Publisher: Ballantine Books, January 1st 1970
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Now the incomparable team of psychologist Alex Delaware and homicide cop Milo Sturgis embark on their most dangerous excursion yet, into the dark places where risk runs high and blood runs cold ... a story tailor-made for the nightly news: Dylan Meserve and Michaela Brand, young lovers and fellow acting students, vanish on the way home from a rehearsal. Three days later, the two of them are found in the remote mountains of Malibu --- battered and terrified after a harrowing ordeal at the hands of a sadistic abductor.
The details of the nightmarish event are shocking and brutal: The couple was carjacked at gunpoint by a masked assailant and subjected to a horrific regimen of confinement, starvation and assault. But before long, doubts arise about the couple's story, and as forensic details unfold, the abduction is exposed as a hoax. Charged as criminals themselves, the aspiring actors claim emotional problems, and the court orders psychological evaluation for both.
Michaela is examined by Alex Delaware, who finds that her claims of depression and stress ring true enough. But they don't explain her lies, and Alex is certain that there are hidden layers in this sordid psychodrama that even he hasn't been able to penetrate. Nevertheless, the case is closed --- only to be violently reopened when Michaela is savagely murdered. When the police look for Dylan, they find that he's gone. Is he the killer or a victim himself? Casting their dragnet into the murkiest corners of L.A., Delaware and Sturgis unearth more questions than answers --- including a host of eerily identical killings. What really happened to the couple who cried wolf? And what bizarre and brutal epidemic is infecting the city with terror, madness, and sudden, twisted death?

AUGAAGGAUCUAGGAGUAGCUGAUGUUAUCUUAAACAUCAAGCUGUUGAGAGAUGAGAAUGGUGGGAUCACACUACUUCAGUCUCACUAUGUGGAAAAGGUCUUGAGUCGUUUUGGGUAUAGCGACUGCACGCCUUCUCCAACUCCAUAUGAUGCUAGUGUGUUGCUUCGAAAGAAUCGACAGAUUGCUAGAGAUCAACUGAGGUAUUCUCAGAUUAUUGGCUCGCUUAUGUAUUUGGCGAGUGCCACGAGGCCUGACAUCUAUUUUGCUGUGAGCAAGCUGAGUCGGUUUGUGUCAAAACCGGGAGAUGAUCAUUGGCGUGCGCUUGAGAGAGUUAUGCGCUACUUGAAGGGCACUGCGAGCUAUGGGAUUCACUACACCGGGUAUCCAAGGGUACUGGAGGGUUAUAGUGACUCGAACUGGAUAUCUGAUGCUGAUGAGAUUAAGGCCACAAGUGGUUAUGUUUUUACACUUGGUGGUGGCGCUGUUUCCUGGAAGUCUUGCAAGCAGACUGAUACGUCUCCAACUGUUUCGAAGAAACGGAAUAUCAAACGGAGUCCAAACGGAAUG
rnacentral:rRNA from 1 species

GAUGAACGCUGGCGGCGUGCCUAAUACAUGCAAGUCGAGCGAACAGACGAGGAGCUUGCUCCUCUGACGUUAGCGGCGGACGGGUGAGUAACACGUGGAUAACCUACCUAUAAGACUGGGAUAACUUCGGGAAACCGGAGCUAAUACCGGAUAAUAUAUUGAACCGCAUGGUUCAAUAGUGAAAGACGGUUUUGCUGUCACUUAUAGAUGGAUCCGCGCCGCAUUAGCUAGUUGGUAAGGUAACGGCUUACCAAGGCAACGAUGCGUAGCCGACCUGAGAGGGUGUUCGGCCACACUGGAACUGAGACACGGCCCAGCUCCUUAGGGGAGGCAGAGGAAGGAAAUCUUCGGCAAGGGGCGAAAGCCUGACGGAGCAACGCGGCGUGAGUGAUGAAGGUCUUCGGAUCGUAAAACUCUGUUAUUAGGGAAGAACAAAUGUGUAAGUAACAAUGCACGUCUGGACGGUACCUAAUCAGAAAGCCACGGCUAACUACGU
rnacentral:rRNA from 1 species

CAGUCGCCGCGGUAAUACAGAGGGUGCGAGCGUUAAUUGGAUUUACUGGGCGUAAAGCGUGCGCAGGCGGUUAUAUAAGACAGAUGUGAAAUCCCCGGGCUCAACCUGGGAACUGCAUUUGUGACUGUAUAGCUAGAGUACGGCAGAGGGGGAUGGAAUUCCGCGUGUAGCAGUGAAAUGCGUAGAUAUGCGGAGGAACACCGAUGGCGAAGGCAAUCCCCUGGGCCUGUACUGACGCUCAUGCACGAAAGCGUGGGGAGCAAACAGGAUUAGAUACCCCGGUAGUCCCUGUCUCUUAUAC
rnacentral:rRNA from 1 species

If you disappeared, would anyone notice?
That’s the gamble young lovers Dylan Meserve and Michaela Brand risk when they stage their own abduction and horrific ordeal. The romance of their harrowing escape fades away as they tell their story over and over to the police and, slowly, it falls apart. When the real story emerges, Michaela Brand is sent to forensic psychologist Alex Delaware.
You’d think that would be the entire story, right? It’s got tension, drama, even tragic(cally misled) young lovers – the whole nine yards. But you’d be wrong, as I was – all this occurs in the first few chapters of the book.
When I picked up Jonathan Kellerman’s Gone, I was looking for another police procedural to fill the void between “In Death” releases and the wait until my latest Sue Grafton request arrived at the library hold shelf. Alex Delaware, with his background in psychology and massive story library, felt like the right fit.
Maybe it’s because I started on book 20, but Alex and I… well, we just didn’t jive. Not that I disliked him – quite the opposite. But he felt like a peripheral character in his own series, so on the fringe that I forgot about him. He fell into the passive narration too often instead of the active storyteller that I longed for.
Michaela, Dylan and the entire cast of characters that made appearances in Gone captivated me. They were fascinating, terrifying, and entirely too real for my comfort. (Let’s just say I got up to double check the locks more than once that night.)
I loved the dive into the psychological element of crime that Gone takes; it brings a new element to the standard police procedural. Who better to examine the psyches of a criminal than a forensic psychologist?
Ultimately, I think I need to give Alex another go. But this time, I think I’ll start at the beginning.